The Problem

While in your attic, if you look up visible moisture can be seen collecting on the underside of the roof sheathing. Other telltale signs of excessive moisture are rusty nails, black stained plywood or noticeable drip patterns on the attic floor. All these symptoms tend to occur more in the winter than any other time of year.

The Reason

There may be several reasons for this, but the most common is warm air moving into your attic from the living space below. As you may recall from grade school science, when warm air (which can carry a lot of moisture in the form of vapor) hits a cold surface it condenses and turns to droplets.

The way homes were constructed in the past, no consideration was given to sealing off the attic from the living space. The multitude of penetrations made by tradesman during construction which are now hidden behind sheetrock still allow moist air to move from the living space to the cold attic above.

Another big concern are bathroom exhaust fans. In many homes, instead of being vented to the outside as required by building codes today, it is common to find bathroom fans pushing warm, saturated air directly into the cold attic space above. Literally gallons of water traveling on warm air can enter your attic in this way each day. The change in temperature causes condensation to occur.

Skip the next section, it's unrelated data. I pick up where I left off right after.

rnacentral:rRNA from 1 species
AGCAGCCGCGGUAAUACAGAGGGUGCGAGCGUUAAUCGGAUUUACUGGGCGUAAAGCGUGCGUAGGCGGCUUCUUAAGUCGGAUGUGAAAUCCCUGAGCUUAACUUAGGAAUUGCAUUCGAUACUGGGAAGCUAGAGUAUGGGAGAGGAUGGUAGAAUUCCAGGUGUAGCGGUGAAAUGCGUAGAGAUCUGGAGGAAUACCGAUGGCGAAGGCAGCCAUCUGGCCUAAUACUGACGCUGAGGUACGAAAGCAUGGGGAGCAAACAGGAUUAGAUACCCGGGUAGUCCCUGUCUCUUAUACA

The Fix

Fortunately The Pro’s at Energy Geeks have several simple solutions that should end your condensation problems for good. First and foremost, air seal the entire attic floor. All penetrations by tradesman, including plumbing, heating and electrical chases (a conduit usually leading from the basement to the attic) as well as the tops of interior and exterior walls are sealed using a variety of methods including spray foam, caulk and sheet metal. Thus creating a seamless barrier that warm air can no longer penetrate.

Next, the bathroom exhaust fan is properly vented directly to the outside using the latest technology and materials.

Best of all, you may qualify for zero percent interest financing through the EnergyWise and Mass Save Heat Loan Program which can be used for window replacement and other energy efficiency improvements. Combine this with generous utility rebates some of which may cover up to 75% of the cost and it becomes clear that there has never been a better time to act.